This study was approved by the Conjoint Health Research Ethics Board at the University of Calgary (Ethics ID E21805) and conforms to the Declaration of Helsinki (2008). Serum samples and clinical information were collected in a prospective cohort of consented CRC patients, treated at the Foothills Medical Center (Calgary, AB, Canada) between 2006 and 2013. Patients with extrahepatic metastases, any acute inflammatory state, sepsis and any hereditary adenomatosis syndrome (including family history with a first-degree relative with CRC) were excluded. Colorectal adenoma samples and control samples were collected prospectively by the Forzani and MacPhail Colon Cancer Screening Centre at the University of Calgary. Disease-free controls consisted of healthy individuals who had a normal screening colonoscopy. Controls were matched for age and sex with cancer and adenoma patients; ages were within 2 years, except in patients older than 75 years, where matches were within 5 years of age. Individuals were all fasting for at least 8h before blood collection. Sera were collected in gold top Vacutainer tubes (BD Biosciences, Mississauga, ON, Canada). Samples were processed within 6h of collection and were stored at −20°C until the day of analysis (Hollander and Wolfe, 1999; Saeed et al, 2003).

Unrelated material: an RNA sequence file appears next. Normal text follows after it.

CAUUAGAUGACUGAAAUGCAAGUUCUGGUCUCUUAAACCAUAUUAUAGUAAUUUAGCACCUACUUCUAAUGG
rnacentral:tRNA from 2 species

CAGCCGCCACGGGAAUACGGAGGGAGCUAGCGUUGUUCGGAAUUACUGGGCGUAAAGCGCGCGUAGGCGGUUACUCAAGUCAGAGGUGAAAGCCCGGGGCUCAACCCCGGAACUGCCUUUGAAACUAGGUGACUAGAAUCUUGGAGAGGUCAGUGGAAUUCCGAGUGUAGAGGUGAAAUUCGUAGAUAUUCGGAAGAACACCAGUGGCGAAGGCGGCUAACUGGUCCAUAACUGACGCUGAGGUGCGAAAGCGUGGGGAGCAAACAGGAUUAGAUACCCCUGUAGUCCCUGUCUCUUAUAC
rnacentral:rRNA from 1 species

Sera were divided into training sets and validation sets, and then analysed by gas chromatography-time of flight-mass spectrometry. Samples were arranged in batches that included all comparator groups, randomly distributed. That is, each batch had approximately equal representation of all stages of CRC and also contained matched disease-free controls; there was a random distribution based on sex and date of collection.